Gradle: Part 4, Creating a fat jar using Gradle

Gradle: Part 4, Creating a fat jar using Gradle

In this part, we will create an executable fat jar with dependencies using Gradle task or you can say we will create an executable jar which contains all dependencies. This part is a continuation of Java Project set up using gradle.

What is Gradle Task

In a simple sense, a task is a groovy/koltin function. Let’s start by writing a simple task. Go to build.gradle and write a task as such

task hello {
        println 'Hello world!'

and execute it as gradle hello and you can see the output as

> Configure project :
Hello world!

Now, this is a very simple task that only prints but you can create a task to perform any action like copying the file before compiling, etc. We will use the task to create an executable fat jar. Before we create this task, we must know that Gradle supports two types of tasks: a simple task and custom task.

A simple task is basically a default task or a task that is provided by the id in the plugin i.e in our case application plugin provides us the run task. Now we can override this task to add more functionalities, e.g. if you want to pass System properties to your project you can override it as

run {
    systemProperties System.getProperties()

Now you can run it using cmd as

gradle -Dconf.path=/xyz/conf.yml run

or passing VM options in IntelliJ run configuration and for testing, you can read it as

System.getProperty("conf.path") in code.

But sometimes default tasks are not enough. We might want to create a custom task; we can do that in gradle e.g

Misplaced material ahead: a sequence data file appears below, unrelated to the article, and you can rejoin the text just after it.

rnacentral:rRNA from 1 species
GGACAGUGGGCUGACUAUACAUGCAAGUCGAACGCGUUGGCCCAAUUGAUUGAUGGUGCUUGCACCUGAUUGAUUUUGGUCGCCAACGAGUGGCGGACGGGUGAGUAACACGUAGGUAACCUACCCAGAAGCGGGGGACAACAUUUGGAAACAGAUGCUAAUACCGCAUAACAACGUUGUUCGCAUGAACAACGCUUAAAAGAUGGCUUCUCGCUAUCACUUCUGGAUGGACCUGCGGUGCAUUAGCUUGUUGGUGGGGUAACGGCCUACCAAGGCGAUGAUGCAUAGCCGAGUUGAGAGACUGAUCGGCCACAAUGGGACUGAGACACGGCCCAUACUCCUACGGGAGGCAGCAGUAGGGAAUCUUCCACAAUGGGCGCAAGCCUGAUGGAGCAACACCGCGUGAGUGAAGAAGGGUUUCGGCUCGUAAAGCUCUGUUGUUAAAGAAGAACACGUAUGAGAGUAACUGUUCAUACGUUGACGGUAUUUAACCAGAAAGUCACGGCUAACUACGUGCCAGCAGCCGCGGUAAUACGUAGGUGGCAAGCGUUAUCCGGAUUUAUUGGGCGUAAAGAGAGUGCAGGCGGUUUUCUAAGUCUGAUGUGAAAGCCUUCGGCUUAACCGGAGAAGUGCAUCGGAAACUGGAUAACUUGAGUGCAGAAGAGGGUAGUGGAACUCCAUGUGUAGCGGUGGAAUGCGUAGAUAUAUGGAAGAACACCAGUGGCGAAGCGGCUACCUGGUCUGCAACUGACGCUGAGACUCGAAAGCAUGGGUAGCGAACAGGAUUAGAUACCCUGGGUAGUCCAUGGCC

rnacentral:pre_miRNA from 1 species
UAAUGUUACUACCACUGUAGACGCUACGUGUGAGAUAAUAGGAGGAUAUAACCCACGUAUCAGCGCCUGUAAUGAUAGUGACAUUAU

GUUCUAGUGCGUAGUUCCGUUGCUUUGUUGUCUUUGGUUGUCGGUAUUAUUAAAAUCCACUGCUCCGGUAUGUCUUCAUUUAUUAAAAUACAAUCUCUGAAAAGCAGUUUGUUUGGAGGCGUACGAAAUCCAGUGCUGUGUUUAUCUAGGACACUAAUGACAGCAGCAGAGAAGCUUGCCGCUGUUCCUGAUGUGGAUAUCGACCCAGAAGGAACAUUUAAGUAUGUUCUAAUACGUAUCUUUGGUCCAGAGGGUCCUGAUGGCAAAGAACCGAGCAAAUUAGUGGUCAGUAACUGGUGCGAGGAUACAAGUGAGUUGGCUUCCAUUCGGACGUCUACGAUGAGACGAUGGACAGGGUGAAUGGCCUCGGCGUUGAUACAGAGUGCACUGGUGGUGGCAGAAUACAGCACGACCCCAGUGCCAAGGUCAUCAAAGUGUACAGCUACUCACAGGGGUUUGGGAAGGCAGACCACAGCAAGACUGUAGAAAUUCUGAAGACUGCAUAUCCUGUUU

task hello {
        println 'Hello world!'

is a custom task. Note that in case of default task we define the task with an action closure, we don’t need to add a task in front of the task, but in case of a custom task, we need to do that.

Creating executable fat jar using Gradle custom task

We will create a custom task to create an executable fat jar with dependencies. In build.gradle add as under

version = '1.1.0'

task fatJar(type: Jar) {
    manifest {
        attributes 'Main-Class': "${mainClassName}"
    baseName = "${}"
    from { configurations.compile.collect { it.isDirectory() ? it : zipTree(it) } }
    with jar

The mainClassName is already defined in our build.gradle and is already by default defined in settings.gradle. So now run gradle clean fatJar. And now you can see a jar under build/libs in the test-gradle folder.

You can now run it as

java -jar build/libs/{jar_name}.

In my case jar name is test-gradle-1.1.0.jar. So now I can also execute it as

java -Dconf.path=/xyz/conf.yml -jar build/libs/test-gradle-1.1.0.jar

Note: I am passing system variables here

So that’s it! Deploy this jar where it’s needed.

Happy Coding!!!

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